My Body is Not Yours to Touch
A Piece of Fabric and Some Skin Doesn’t Mean Consent
Being a woman isn’t easy. From societal expectations to work and school, life is constantly keeping us on our toes.
No matter how hard we try, it never seems to change the fact that if a woman wears something revealing, she is either chasing attention, easy or has no self-respect.
In reality, women don’t wear revealing clothes because we want a guy’s attention, or because they are looking to be catcalled. Personally, I do it to feel comfortable in my body, to feel hot and powerful. Maybe I want to flaunt my gym progress, or this is simply my style. No matter the reasons, it doesn’t justify all forms of harassment I endure on a daily basis.
Ever since I was a teenager, I started becoming more comfortable in my own skin.. Thanks to my genetics, I have always been curvier. I have since learned that, regardless if you’re 15 or 50, society will shame you for wearing something that remotely shows your skin. Back then, I couldn’t understand why people cared so much about what I wore. It’s just a tank top, who cares?
Growing up, I understood this the hard way. . Society normalizes men fetishizing and lusting over women who follow a certain beauty standard, such as showing off more skin and may even have a certain body type. It’s perceived as normal for men to stare into your chest while walking down the street—as if you are asking for it.
Not only is it disturbing, but it’s also highly disrespectful. The fact that my tank top is low cut, or that I’m wearing shorts, doesn’t give you permission to ogle. It doesn’t allow you to whistle, stare or even try to talk to me while I’m walking. You certainly don’t get to get angry if I don’t pay any attention to you.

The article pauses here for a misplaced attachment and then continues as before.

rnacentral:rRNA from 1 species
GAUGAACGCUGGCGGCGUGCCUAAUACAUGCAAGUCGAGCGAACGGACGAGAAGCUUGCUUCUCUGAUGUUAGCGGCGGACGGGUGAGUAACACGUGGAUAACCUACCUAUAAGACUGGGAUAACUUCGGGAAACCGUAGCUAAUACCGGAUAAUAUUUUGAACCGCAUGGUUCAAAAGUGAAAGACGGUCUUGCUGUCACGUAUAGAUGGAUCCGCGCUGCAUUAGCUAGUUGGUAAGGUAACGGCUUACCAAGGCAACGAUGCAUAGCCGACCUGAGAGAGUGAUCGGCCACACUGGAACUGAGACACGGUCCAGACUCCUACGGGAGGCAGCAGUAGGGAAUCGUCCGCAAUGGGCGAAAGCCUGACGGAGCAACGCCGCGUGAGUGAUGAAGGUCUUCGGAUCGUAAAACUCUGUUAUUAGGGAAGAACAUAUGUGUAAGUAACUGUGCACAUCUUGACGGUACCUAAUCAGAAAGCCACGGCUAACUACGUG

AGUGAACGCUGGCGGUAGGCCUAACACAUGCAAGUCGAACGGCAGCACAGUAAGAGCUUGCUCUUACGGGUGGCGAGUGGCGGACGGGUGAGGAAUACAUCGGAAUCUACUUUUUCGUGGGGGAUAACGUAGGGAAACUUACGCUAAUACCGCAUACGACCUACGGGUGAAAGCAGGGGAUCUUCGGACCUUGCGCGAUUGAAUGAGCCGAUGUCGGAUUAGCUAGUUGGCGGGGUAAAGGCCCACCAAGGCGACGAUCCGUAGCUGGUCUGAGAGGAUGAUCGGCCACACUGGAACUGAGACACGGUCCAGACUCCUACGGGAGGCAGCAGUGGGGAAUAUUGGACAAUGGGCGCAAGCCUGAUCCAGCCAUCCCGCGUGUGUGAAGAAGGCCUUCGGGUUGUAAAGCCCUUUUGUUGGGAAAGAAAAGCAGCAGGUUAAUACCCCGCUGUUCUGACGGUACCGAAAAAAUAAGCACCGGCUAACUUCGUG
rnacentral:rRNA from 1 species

I’m sick of people justifying men’s actions by saying “if you don’t want to be stared at, don’t wear low-cut tops.” I can’t change my genetics. You, though, can change your manners. A person’s standard for modesty shouldn’t be enforced on others, especially people you simply walk by in the street.
Clubbing, particularly, is very frustrating for me. I often feel uncomfortable simply because of the men around me and their lack of basic decency. If you want to get my attention or want to speak to me, learn how to do so in a respectful way. Am I wearing a short dress in the club, while dancing to the music? Yes. Is that any of your business? No. The length of my dress and the amount of skin I show don’t give you permission to grab any part of my body. I am tired of having to be accompanied home by one of my guy friends every night, just because I want to feel a sliver of safety.
Statistics show that in the U.K., 97 per cent of women aged 18 to24 have been sexually harassed. Furthermore, 96 per cent of women are not reporting those situations because of the belief that it would not change anything. Not only that, but in 2019, the Independent released an article stating that 55 per cent of men believe that women who wear revealing clothing are more likely to get harassed.
It’s a shame that in 2022, after decades of conversations about sexual harassment against women, men, and the LGBTQA+ community, we still have to deal with it on a daily basis.
I think it is high time for society to let women dress however they want and educate men on how to deal with it.